MinnPost's education reporting is made possible by a grant from the Bush Foundation.

Reformers keep the heat on during now-closed Minneapolis teacher-contract talks

Courtesy of SFER
Protesters from the group Students for Education Reform gathered outside MFT's Nordeast headquarters last week.

Not for years has the Minneapolis Public Schools (MPS) grapevine been so dry as it has in recent weeks concerning the status of the district’s negotiations with its teacher’s union. Forget informed Kremlinology, the usual suspects aren’t even up for conjecture.

The parties have announced that they expect an agreement exactly one month after their first meeting behind closed doors, a move requested by the Minneapolis Federation of Teachers (MFT).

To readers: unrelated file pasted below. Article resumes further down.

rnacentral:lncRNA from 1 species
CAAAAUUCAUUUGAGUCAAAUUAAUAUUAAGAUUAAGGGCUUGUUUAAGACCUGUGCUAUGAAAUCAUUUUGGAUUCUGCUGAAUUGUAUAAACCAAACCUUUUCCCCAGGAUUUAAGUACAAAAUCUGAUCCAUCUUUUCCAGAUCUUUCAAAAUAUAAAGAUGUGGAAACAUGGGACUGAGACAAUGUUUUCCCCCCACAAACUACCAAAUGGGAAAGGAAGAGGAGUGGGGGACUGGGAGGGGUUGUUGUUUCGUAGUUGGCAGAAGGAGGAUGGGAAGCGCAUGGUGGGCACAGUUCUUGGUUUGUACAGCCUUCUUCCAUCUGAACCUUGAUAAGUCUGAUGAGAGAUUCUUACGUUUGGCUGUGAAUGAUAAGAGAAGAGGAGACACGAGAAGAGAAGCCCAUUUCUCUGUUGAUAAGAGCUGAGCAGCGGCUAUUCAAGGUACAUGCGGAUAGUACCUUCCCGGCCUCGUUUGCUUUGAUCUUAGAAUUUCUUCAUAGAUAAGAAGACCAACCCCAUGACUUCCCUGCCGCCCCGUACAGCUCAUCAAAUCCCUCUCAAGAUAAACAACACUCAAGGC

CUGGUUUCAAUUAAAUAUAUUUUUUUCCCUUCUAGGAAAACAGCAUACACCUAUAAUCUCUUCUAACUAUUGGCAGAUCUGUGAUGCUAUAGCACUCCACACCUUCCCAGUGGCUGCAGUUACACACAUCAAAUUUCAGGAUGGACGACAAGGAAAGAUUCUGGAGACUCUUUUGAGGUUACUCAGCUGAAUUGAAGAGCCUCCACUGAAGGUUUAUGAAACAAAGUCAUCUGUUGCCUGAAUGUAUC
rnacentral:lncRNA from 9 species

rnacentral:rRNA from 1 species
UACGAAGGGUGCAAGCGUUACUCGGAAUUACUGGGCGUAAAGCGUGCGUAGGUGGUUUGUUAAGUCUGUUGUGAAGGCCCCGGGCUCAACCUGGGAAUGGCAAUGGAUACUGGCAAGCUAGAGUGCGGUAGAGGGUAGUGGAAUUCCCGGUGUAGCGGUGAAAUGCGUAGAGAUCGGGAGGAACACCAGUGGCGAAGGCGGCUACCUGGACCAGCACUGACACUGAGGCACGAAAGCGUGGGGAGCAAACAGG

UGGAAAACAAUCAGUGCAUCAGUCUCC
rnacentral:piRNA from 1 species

Community members tracking the talks are agog. The toughest issues on the table have been there for some eight years and most weren’t even broached during the first five months of talks.

Equally mystifying: MPS leaders, including a board with a labor-friendly majority, insist — and in some detail — that they are firmly behind Superintendent Bernadeia Johnson’s initiative to free a portfolio of lagging schools from some contract requirements.

When last the two sides met openly the MFT seemed to be doing a good job shooting down all but one meaningful change. Given the seeming impasse, what kind of agreement can be forged in the six sessions scheduled?

Typically, by this stage of the process there’s been enough nattering for observers to estimate the contours of the compromise on the table. This year, with Johnson’s agenda one of the hottest issues in the mayoral contest, there aren’t even ballpark guesses.

Protesting outside the meeting